Monday October 22, 2018
Anger and condemnation followed the death of a man killed for his alleged involvement in an inter-clan marriage in Somalia this year, highlighting changing attitudes in a conservative nation.
Ahmed Dawlo was beaten, doused in petrol and set alight in his garage in the Mogadishu suburb of Yaqshid.
It is alleged that Dawlo was attacked by the family of his nephew’s bride, who disapproved of the inter-clan marriage and suspected that Dawlo had facilitated it and hidden the couple away. Local reports state that Dawlo was killed while the newlywed couple were on their honeymoon.
The clan structure in Somalia remains socially and politically important and has been strengthened by 30 years of state collapse and the absence of strong state institutions.
Dawlo’s nephew is from a Bantu clan also known as Jareerweyne while the woman he married is from another Somali clan.
Bantus are of a different ethnicity to most other clans in Somalia, which contributes to greater discrimination and racial prejudice against Bantu people.
Inter-clan marriages between people from marginalised and major clans are traditionally prohibited, with more powerful clans refusing to allow marriages with Bantu people and members of other marginalised clans. Such married couples face hostility, frequently being cut off from family contact and even violence, as is alleged in the case of Dawlo’s death.
Inter-clan marriage is only prohibited by local custom in Somalia, not on any legal or religious grounds. Mr Dawlo’s killing was widely condemned by all sectors of society including politicians and religious leaders.
This incident has highlighted a wider issue of bigotry and discrimination against members of marginalised clans.
A symptom of a wider problem
Mohamed Nur is an MP in the Somali Federal Parliament, and hails from a Bantu clan. Speaking in the Federal Parliament of Somalia, Nur said that he faces frequent discrimination and racial profiling.
“I arrived at Mogadishu airport and holding Somali diplomatic passport, the immigration officers without asking me assumed that I was foreign national who obtained Somali Passport,” Nur told the parliament. “They were speaking to me in English rather than Somali language and asking themselves in Somali, ‘How did this Ugandan obtain Somali diplomatic passport?’”
“In another incident someone almost removed me from a mosque mistaking me for a non-Muslim foreigner,” Nur added.
Discrimination in the diaspora
The Somali diaspora often reflects the social and political attitudes held in the homeland, with clan-based discrimination also taking place outside Somalia.
Ahmed Ayjeex is a leader of a coalition of marginalised clans in Australia.
He says discrimination between clans has increased since the collapse of Somalia’s government in 1991 as people came to rely more on clan powers than government institutions for justice.
“The discrimination was minimal but after the collapse of the government 28 years ago the impact has been more on our clans because every region is controlled and dominated by major clans,” Ayjeex tells SBS. “So our clans and other minorities don’t get justice in the cases of land disputes – as is always the case, we lose and there are no opportunities for us either in terms of employment.”
Asked if marriage discrimination also occurs within the Somali community in Australia, Ayjeex says he knows of a case in South Australia where a young Bantu man and a young woman from another clan were dating. The woman’s family found out and intimidated the young man and his family into ending the relationship.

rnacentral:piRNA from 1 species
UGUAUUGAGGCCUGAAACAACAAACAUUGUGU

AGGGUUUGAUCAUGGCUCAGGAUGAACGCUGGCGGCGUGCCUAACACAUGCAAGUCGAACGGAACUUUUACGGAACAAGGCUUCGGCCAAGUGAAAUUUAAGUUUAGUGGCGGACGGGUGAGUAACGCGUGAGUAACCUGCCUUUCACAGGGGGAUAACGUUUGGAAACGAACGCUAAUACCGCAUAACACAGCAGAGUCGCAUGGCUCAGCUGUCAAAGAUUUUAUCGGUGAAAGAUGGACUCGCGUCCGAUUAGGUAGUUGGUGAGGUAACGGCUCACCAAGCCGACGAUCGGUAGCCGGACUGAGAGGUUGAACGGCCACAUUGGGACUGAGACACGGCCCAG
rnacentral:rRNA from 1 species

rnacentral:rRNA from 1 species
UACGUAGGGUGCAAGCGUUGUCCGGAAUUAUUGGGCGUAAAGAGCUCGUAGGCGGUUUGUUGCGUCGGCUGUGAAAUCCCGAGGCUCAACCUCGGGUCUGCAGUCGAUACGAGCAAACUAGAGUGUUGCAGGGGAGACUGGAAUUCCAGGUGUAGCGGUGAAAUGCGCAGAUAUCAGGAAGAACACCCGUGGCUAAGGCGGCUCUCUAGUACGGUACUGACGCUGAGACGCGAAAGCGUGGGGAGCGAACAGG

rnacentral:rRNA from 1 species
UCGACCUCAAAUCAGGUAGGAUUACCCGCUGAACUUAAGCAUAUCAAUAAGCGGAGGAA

Ayjeex notes that there are hundreds of thousands Somalis in diaspora across the world. More and more Somalis are marrying from different countries, ethnicities and religions, he says, yet many continue to deny their fellow Somalis the right to marry between clans.
The reaction to Mr Dawlo’s death on social media appears to show a majority of Somalis are appalled by the killing and marriage discrimination still prevalent in Somalia.
Some pointed out that this incident has united people from across the society against bigotry and hate.
Many responses demanded justice for the victim and were appalled that such violent behavior could take place in 2018 calling it “barbaric and revolting”.
Some also said that while Mr Dawlo’s killing was appalling, it was not fair to condemn the family for refusing the marriage because it is a widely accepted norm in the country. These commentators challenged the politicians and religious leaders who spoke against the attack to marry their children to marginalised clan members if they were serious about eliminating the practice.
In an effort to combat this issue the former president of the Somali Region of Ethiopia, Abdi Omar, organised a mass wedding in the region’s capital Jigjiga last year. Couples from majority and marginalised clans were married together, and Omar has given each couple a house.
While violence caused by marriage disputes is rare, Mr Dawlo’s slaying was not an isolated incident.
In 2017 there was a similar event in Hargeisa, the capital of the self-declared republic of Somaliland. When the family of a man from a marginalised clan followed custom to ask the potential bride’s family for their blessing, the man’s father was allegedly attacked while the bride-to-be was allegedly detained and tortured by her own family, hung upside down by her legs in their home. When the family of the man went to the police station, they were arrested and the couple reportedly fled the country.
Fundraising has been set up for the family of Mr Dawlo while the alleged perpetrators of his murder are awaiting trial.